On the investors side, a CFO also has a responsibility to clarify both where a startup has been and where it will go. Client retention isn’t exactly a “sexy” pitch, but my job is to demonstrate why it makes long-term sense in an “incredible” fashion. So when I put processes in place to evaluate long-term financial opportunities, I do it from this perspective: How does it make existing clients happier and create more cohesion between employees

The trick to selling this notion to investors is to establish the idea that it is more disruptive to be a stable long-term player. Today, over 90 percent of startups fail within the first year, and over half won’t make it to the next four years. The biggest reasons for failure can be attributed to lack of planning or the emotional behavior that comes with coming into lots of money too quickly: Pricing strategies that lacked forethought, living too high for the business to manage or simply failing to pay taxes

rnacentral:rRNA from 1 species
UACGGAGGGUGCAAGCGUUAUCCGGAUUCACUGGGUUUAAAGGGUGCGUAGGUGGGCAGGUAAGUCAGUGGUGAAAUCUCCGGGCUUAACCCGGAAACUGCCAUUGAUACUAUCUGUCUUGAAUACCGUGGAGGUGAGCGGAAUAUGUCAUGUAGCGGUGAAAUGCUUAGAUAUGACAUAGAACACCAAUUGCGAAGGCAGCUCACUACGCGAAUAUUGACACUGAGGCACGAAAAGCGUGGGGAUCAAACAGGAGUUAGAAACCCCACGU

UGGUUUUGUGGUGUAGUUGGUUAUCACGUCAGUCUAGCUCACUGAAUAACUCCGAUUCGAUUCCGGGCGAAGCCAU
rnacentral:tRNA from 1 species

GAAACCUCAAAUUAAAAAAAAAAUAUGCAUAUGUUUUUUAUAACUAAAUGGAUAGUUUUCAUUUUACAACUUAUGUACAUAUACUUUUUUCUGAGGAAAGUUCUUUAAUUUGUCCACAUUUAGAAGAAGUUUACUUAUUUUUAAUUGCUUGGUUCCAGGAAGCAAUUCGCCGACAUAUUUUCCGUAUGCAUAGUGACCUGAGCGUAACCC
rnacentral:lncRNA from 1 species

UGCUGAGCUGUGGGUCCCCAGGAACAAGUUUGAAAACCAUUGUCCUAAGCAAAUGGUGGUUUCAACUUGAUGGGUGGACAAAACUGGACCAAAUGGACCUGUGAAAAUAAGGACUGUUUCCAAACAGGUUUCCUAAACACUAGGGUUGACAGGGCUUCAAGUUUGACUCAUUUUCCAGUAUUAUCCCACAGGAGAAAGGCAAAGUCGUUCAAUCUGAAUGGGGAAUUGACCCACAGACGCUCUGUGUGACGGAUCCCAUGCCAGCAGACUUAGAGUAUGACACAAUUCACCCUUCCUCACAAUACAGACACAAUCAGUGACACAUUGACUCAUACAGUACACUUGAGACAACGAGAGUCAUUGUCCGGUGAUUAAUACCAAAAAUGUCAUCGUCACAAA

strudwick-300The job of the CFO is to ensure none of this happens. That hasn’t changed. What has are the expectations people have for the companies they want to succeed. I’m not here to run numbers. I’m here to ensure that everyone understands their role in our success, and that we keep our focus where it should be: On the people who’ve trusted us enough to invest in what we do. They are literally the only reason we are here.

Jon Strudwick is Chief Financial Officer at MPP Global. With over 25 years’ experience in the technology and payments markets, Strudwick is responsible for advising the company’s board of directors about growth opportunities, overseeing all fiscal reporting and risk management activities and managing the accounts team. He is a qualified member of the Chartered Institute of Management Accountants (CIMA) and a Chartered Global Management Accountant (CGMA).